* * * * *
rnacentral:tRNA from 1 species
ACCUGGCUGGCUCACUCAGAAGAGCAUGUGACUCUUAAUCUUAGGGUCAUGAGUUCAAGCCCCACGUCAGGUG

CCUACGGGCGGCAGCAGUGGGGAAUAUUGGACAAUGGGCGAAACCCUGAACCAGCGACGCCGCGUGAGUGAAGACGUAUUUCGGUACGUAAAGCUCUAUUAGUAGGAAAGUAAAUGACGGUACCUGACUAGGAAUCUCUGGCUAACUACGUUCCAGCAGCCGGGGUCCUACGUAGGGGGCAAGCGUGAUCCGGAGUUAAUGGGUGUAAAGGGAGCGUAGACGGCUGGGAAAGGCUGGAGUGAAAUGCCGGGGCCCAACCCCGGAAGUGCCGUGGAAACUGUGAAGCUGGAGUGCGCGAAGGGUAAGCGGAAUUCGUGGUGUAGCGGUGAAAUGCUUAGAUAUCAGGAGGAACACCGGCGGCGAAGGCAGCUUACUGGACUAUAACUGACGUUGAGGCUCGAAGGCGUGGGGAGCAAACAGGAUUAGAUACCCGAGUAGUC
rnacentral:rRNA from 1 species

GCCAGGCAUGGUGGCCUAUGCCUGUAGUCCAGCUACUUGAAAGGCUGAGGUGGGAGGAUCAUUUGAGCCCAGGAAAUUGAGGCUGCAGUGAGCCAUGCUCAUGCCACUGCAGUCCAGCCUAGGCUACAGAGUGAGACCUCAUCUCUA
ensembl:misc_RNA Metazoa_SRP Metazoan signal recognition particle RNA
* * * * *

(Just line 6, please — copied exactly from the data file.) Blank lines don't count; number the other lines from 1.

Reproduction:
ensembl:misc_RNA Metazoa_SRP Metazoan signal recognition particle RNA